What is the right rate of tax for private equity?

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Quite a lot of comment today suggests that the private equity industry is willing to agree that 10% is too low a rate of tax for what they earn. The suggestion is that they will bargain something between there and 40%, which is the income tax rate.

I have two comments. The first is that the right rate of tax is that which is charged for everyone else. So it's 40% top rate income tax that is needed, capital gains tax is not an issue for individuals since the earnings of private equity partners result from a trading activity and for companies the right rate is 30% at this moment. If this business cannot compete on this level field then it should not be in the market. That's the first issue resolved.

The second one is as clear. Booking UK earned profits offshore is an unacceptable practice in this (and any other) sector. It's time to revisit what constitutes the definition of residence for corporation tax to make sure that this sector is taxed here, where its economic well being is generated. This will require a serious review of corporation tax rules. For individuals the definition of UK source income needs to be reviewed. Hiding behind offshore trusts and companies under the cover of the domicile rules whilst gutting the UK economy is not acceptable. Tax rules have to change to prevent this abuse.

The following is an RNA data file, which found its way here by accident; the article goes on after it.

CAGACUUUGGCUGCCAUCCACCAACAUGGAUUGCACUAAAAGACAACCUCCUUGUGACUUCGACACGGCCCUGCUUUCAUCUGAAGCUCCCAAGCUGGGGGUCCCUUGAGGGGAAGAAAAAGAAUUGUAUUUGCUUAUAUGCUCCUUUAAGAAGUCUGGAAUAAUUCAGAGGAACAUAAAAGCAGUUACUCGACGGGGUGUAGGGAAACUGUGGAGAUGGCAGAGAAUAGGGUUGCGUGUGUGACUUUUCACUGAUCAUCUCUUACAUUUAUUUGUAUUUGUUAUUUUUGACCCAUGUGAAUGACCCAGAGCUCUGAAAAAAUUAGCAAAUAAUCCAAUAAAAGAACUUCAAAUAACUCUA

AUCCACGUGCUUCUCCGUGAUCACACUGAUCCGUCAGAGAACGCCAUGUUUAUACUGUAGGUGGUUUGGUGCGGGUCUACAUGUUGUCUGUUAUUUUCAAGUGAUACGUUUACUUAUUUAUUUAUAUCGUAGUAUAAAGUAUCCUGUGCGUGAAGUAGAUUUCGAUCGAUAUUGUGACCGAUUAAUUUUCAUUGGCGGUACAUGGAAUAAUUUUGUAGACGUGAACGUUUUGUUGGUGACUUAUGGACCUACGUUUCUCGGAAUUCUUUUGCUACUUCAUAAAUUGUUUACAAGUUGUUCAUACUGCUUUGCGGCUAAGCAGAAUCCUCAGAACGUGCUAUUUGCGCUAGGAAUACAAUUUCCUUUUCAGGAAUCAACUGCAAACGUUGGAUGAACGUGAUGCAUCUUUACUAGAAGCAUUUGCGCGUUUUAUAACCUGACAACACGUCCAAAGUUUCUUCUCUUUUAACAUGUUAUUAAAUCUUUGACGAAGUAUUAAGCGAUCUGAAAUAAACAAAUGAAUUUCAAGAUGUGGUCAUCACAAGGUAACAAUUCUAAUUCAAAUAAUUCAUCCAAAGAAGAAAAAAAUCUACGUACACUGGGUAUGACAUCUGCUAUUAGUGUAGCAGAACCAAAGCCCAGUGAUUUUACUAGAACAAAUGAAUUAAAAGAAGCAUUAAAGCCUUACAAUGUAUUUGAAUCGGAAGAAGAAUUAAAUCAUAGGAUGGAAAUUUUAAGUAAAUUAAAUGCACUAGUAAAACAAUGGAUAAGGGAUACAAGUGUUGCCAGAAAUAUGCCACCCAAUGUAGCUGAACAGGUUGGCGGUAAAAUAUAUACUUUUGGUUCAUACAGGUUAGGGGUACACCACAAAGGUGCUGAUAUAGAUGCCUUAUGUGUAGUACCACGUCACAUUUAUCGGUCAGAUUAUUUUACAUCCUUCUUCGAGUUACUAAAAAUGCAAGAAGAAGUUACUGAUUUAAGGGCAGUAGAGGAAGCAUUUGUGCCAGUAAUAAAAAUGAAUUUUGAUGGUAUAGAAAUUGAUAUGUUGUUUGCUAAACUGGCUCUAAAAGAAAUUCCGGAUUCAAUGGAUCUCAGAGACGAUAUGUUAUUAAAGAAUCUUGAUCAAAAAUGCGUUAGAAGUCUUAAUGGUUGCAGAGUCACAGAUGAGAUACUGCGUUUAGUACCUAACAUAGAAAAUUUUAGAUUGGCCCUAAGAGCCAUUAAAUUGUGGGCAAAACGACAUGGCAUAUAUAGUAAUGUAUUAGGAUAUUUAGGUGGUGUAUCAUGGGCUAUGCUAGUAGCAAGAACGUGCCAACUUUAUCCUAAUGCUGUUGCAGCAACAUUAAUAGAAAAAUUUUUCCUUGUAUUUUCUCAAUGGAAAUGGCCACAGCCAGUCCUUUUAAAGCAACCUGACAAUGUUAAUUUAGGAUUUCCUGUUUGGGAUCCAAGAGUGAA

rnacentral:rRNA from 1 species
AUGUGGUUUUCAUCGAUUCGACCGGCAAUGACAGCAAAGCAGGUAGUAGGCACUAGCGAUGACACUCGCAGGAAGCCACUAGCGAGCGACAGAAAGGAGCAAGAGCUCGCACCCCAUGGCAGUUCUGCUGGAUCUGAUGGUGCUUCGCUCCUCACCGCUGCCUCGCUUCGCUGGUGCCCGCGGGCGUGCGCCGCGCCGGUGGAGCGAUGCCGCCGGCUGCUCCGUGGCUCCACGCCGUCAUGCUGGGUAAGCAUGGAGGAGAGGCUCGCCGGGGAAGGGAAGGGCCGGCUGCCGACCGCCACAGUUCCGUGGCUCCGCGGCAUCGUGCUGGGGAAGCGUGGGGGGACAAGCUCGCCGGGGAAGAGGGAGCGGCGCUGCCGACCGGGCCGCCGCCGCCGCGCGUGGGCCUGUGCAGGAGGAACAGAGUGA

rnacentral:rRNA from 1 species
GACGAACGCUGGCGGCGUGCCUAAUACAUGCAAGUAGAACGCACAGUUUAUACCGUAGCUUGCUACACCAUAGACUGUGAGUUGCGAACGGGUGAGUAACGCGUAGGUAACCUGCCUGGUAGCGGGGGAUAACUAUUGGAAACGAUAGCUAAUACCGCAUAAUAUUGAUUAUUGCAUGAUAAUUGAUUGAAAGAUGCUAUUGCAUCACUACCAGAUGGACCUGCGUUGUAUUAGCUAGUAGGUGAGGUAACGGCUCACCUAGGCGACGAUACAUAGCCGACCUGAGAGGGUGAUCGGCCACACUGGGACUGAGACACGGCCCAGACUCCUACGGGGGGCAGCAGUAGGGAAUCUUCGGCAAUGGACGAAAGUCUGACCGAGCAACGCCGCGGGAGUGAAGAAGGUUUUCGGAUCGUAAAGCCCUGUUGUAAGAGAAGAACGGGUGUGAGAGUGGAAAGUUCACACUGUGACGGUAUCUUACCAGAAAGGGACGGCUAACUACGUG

Only if that change happens will businesses that generate real wellbeing compete with those who benefit from destroying it. Because that's what asset stripping does and since the days of Slater Walker that's the activity that private equity style enterprises have pursued. It was sordid then. It's sordid now, and it has to be taxed appropriately to compensate for the damage it causes.

None of which diminishes my commitment to venture capital. But right now genuine venture capital seems so far removed from private equity that it will need resuscitation in a new form and in a different tax and corporate structure before it can play a truly useful role in the economy again.